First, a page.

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My aim in writing “Cheshire Cheese and Camembert” was to take some of the younger characters who appeared in “Blessèd are the Meek and “Twenty-six Nil” and place them in a more modern setting, ie. the early years of the 20th century. The turbulence of the period between 1913 and 1919 made for a vibrant background: the suffragette movement, the Easter Rising in Ireland, the Russian Revolution, not to mention the Great War.

Inevitably the war had the greatest impact on families like that of my narrator, Charlie Knott, but I did not want to turn my novel into a war story. Reports of events in northern France come only from newspaper reports or more graphically from letters from Charlie’s son Alfred.

As Charlie has left Hyde for work by the docks at the eastern end of the Manchester Ship Canal, the town of Hyde is less of a feature than in the previous books. However, perhaps I should have made at least a brief mention of the sacrifice Hydonian men and women made at that time. 710 men of Hyde who gave their lives are commemorated at the cenotaph on Werneth Low, a windblown hill overlooking the town and the great pattern of distant boroughs. It is one of my favourite places in the world.

  • Writer's pictureBrent

AEIOU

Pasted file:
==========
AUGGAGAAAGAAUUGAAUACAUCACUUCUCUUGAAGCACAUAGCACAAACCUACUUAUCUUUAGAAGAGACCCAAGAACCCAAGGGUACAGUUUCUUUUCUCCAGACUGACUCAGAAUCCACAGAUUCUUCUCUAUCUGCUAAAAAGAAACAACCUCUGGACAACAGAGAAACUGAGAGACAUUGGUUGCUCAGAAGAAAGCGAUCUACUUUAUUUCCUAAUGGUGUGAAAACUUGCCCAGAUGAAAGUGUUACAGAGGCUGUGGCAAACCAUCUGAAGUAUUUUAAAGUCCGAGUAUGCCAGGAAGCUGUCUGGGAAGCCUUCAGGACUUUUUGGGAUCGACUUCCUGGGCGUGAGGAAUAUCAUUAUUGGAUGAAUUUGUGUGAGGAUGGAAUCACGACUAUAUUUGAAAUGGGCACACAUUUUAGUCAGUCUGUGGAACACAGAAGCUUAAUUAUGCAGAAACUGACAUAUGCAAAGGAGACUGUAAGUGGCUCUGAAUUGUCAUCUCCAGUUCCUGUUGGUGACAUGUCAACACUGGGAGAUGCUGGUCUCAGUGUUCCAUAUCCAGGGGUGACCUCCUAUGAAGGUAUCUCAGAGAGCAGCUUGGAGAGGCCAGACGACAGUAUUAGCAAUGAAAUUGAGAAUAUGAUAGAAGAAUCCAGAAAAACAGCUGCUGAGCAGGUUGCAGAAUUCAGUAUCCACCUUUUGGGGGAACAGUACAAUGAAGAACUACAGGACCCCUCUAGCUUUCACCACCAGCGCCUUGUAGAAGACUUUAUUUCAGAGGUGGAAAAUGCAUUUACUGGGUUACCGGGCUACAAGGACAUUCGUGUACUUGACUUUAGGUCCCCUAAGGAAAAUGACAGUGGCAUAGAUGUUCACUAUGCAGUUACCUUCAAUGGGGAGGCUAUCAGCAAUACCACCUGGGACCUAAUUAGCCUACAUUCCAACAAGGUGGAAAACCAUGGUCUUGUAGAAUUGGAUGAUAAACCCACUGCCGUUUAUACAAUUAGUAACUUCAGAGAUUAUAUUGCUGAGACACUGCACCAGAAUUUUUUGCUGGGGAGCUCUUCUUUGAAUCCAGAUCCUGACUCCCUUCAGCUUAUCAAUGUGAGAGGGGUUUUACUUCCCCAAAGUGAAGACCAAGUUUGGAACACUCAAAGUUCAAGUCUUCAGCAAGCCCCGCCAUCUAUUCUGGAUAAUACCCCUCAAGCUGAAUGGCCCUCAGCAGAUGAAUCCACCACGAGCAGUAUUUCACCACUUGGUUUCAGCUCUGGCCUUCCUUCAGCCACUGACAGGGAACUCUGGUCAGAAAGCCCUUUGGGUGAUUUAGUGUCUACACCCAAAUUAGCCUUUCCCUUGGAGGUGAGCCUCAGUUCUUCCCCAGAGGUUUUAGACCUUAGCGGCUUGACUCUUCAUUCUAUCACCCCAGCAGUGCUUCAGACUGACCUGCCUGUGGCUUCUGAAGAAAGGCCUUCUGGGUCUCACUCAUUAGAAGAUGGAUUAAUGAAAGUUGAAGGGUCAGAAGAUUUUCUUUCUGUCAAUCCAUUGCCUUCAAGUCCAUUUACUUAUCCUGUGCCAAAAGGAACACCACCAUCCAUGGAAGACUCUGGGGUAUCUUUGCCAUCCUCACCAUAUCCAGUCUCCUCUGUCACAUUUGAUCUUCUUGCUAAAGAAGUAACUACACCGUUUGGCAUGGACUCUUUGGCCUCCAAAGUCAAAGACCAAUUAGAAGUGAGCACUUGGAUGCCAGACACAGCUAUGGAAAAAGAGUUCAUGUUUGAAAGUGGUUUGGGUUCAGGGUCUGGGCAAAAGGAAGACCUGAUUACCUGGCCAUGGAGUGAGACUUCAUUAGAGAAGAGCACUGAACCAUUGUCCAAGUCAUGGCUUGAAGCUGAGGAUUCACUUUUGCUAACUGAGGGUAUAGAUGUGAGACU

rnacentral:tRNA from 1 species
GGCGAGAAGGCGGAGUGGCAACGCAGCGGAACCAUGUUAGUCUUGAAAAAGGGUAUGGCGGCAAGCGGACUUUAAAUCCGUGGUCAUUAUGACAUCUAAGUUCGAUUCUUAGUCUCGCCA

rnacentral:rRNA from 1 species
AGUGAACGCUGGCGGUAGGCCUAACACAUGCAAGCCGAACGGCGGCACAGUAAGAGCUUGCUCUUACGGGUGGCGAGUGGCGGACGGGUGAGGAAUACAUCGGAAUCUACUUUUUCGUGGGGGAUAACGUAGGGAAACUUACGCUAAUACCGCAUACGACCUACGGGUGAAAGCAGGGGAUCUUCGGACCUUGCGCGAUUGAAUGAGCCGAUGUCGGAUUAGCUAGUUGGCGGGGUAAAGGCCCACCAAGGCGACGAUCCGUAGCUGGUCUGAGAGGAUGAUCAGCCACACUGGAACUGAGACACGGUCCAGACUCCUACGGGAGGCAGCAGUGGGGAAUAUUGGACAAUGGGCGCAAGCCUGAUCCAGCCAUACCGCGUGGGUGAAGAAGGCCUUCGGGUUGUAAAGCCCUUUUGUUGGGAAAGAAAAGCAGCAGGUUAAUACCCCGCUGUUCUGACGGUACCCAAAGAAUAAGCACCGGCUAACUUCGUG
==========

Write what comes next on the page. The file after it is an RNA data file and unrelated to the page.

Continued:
Since the publication of Bailing Out – and actually starting a few months before – I have been writing a new novel about a self-absorbed man’s ambition to make a name for himself in the world of academia. Set principally in the Dordogne region of France, it is a story dealing with books and paintings and a plan to set up a gallery merging literature and art. My working title was An English Impressionist, which in documents I abbreviated to AEI.

Noticing the sequence of the initials I tried to come up with an inspiring title that would include, in order, all five vowels: An English Impressionist Offers Umbrella, An English Impressionist’s Only Uncle, An English Impressionist Obliges Upstairs and other such contrived nonsense.

I have been writing, typing and redrafting the novel throughout the winter and now it is being read by my special critics. As things stand, one thing I am happy with is the name: the book will have the simple three-word title, An English Impressionist.

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My aim in writing “Cheshire Cheese and Camembert” was to take some of the younger characters who appeared in “Blessèd are the Meek and “Twenty-six Nil” and place them in a more modern setting, ie. the

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